This article is taken from the November issue of The Critic. To get the full magazine why not subscribe? Right now we’re offering three issue for just £5.
In what might now be reclassified as the first Great British Bake Off, King Alfred demonstrated his qualifications for kingship by an act of culinary desecration. Lambert Simnel was reputedly a “scullion” whose kitchen experience stamped him as an unacceptable aspirant to power.
Theresa May’s 150 cookery books failed to give her a recipe for government. She seems seriously to have picked up a skillet only when she laid down her last red box. Even then, reliance on recipes and torpor in mastering them — she vowed to learn one a week — showed why she could never compete on the continent.
We all know what happened to the only professional foodie to play at British politics: posthumous disgrace befell Sir Clement Freud, who was guilty of advising airlines on their abominable fodder long before we knew of his other sins.
How strange that no cook has ever ruled in England! The stove-side is the ideal spot in which to learn the principles of order, management, economy, harmony, balance between warring ingredients, creative extemporisation and tranquillity under pressure.
Even in more enlightened food cultures than England’s I can think of only one chef who was promoted from controlling his kitchen to controlling his country.
At the dawn of China’s Shang dynasty, Yi Yin asked his father’s advice about how best to become rich. No commerce or profession could contend for revenues, Daddy replied, with ruling the state and garnering the taxes.
Yi’s route to supremacy lay through his talent for concocting irresistible dishes. The emperor requested his services. Yi upped his allure by refusing five times.
According to the annals of Lü Buwei, who summarised the ancient learning of China for the Qin emperor, the famous chef’s arrival at court was celebrated with a dismissal of demons and a butchering of boar.
The next day the ruler summoned Yi for a menu-planning session. The shopping-list of ingredients Yi required covered several exotic pages. Some items were attainable, albeit with horrendous difficulty: bluebirds, liquorice, gorillas’ lips, badgers’ feet, swallows’ tails, yaks’ waists (“the best flesh in the world,” Yi averred), and six-legged turtles with green, pearly scales.
Routine items, such as water, salt, millet, fish, birds’ eggs, minced sturgeon, duckweed, leaves, celery, leeks, bamboo-shoots and fruit had to come from distant shores and mountains. Should the emperor not feel suitably humbled by Yi’s ambition, the cook demanded phoenix eggs from a mythical horizon. In any case, the regions that yielded the best produce had first to be conquered.
Then “anyone who wants to taste all these wonderful things must use the best horses — named ‘Green Dragon’ or ‘Flying Wind’ — to transport them.” Yi was as fussy about provenance and as flowery in his prose as any tasting-notes writer from Madison Avenue.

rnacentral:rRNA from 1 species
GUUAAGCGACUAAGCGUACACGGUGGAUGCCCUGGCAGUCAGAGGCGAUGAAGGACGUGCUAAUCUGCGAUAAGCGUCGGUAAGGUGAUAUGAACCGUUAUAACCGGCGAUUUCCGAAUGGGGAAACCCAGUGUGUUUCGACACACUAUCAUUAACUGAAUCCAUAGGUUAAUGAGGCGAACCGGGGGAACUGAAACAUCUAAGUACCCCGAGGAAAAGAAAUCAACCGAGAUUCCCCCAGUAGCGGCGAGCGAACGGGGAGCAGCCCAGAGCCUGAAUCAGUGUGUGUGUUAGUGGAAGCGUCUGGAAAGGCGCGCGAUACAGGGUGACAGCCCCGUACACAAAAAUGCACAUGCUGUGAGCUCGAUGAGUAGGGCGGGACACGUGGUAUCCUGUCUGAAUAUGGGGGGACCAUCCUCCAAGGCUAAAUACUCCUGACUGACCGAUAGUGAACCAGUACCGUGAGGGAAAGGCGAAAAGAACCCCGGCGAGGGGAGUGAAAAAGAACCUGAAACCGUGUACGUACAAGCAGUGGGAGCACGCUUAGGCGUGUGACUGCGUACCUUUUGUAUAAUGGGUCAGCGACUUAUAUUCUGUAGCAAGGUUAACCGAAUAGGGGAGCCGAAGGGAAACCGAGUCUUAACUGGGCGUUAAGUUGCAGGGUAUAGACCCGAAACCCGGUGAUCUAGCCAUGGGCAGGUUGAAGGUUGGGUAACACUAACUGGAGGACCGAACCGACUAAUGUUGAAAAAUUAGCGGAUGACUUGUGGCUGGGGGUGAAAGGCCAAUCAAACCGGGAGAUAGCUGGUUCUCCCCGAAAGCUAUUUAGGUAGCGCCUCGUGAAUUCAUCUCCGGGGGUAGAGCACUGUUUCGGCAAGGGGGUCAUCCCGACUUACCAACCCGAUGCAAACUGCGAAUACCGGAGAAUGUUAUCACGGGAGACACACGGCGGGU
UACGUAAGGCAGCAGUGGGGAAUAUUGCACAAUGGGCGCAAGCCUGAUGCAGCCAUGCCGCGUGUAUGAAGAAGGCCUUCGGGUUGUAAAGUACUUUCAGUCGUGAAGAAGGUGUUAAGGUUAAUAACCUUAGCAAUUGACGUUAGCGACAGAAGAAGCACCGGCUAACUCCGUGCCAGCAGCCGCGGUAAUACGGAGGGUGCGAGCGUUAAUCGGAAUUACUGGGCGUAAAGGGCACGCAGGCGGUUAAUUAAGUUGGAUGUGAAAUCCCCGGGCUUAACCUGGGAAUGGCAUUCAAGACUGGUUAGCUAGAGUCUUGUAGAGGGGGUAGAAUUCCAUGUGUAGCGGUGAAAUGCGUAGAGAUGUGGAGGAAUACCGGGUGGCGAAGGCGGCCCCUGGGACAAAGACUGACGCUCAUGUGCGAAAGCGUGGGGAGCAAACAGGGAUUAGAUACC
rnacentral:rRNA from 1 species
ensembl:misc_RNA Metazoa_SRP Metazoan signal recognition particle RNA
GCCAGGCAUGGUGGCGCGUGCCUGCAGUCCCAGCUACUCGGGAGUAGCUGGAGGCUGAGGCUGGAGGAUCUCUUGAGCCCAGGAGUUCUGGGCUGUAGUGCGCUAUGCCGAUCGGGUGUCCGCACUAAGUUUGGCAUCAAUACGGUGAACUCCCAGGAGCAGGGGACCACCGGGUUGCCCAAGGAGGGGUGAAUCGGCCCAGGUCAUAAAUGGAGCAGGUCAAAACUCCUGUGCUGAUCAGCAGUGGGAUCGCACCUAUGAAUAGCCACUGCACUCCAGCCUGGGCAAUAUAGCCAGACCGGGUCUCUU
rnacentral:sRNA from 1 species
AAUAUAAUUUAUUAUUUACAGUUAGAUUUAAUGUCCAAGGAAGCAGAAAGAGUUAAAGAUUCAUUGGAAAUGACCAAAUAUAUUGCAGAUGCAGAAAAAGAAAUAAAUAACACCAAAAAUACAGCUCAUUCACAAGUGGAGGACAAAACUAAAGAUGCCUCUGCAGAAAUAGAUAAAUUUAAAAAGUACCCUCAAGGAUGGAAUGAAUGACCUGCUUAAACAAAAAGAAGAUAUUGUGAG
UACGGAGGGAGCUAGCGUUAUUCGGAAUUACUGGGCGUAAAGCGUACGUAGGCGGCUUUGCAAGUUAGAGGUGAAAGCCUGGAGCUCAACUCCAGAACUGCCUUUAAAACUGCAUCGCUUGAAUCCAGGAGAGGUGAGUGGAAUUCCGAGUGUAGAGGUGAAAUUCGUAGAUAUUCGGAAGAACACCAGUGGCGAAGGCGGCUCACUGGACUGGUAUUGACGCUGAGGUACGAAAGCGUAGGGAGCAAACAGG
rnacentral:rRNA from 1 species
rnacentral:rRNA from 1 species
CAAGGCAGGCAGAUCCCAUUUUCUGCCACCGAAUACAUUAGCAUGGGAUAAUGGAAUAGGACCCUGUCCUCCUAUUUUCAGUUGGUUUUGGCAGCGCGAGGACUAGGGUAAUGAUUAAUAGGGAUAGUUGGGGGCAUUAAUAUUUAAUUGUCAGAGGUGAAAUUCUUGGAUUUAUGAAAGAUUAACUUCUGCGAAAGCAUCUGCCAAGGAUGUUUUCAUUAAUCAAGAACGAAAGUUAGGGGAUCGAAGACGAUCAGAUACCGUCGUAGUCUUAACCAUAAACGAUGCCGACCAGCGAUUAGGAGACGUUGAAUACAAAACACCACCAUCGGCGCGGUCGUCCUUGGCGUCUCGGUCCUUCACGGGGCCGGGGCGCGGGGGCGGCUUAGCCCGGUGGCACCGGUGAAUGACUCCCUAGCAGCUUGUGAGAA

He literally promised gastronomic magic: rationally unfathomable transmutations of ingredients into banquets. His recipes elevated cookery to the level of aristocratic arts.
“Changes of flavour taking place inside a cauldron are as subtle as archery or horsemanship. They require co-operation of Yin and Yang. They cannot be explained with words, nor can they be sensed by insight.”
Menu-planning provides perfect occasions for gaining access to a ruler’s ear. Yi devised the emperor’s policies, masterminded his conquests, succeeded him as regent, and seized supreme authority. Along the way he found time to lay down the fundamentals of Chinese cuisine: juggling sweet, sour, bitter, hot and salty seasonings, while manipulating fire and water harmoniously.
I love the prospect of cooks as politicians. But the fear that politicians might become cooks appalls me. Between them, I suppose, Donald Trump and Joe Biden might manage an omelette. Biden could lay eggs and Trump break them. Under the undomesticable Boris Johnson a kitchen would be unappetisingly slovenly. Sir Keir Starmer’s meals would be slow-cooked and carefully balanced to the point of insipidity.
Rishi Sunak would keep a bare larder: he’s too thin to be credible as a foodie. Priti Patel’s offerings would be unpalatable for want of imported ingredients. No one else in the British cabinet is imaginable in the kitchen, except Michael Gove, who could surely contrive a sharp sauce. The unflappable Jacob Rees-Mogg might do something old-fashioned with bread and wine.
For any aspiring politician who may wish to emulate Yi Yin’s methods, “roes of the Eastern Sea” are among his more accessible recommendations. Fry cods’ roes gently in olive oil with plenty of garlic. With the juice of half a lemon, abundant parsley, some capers and a splash of amontillado in the pan juices just before serving, they make a meal fit for a usurper.
Verb sap: the last record of Yi’s life is scratched on an oracle bone, narrating his punishment when the extruded ruler, Emperor Tia Ja, returned from exile to claim his inheritance. The cook who tasted power found it fatally indigestible.
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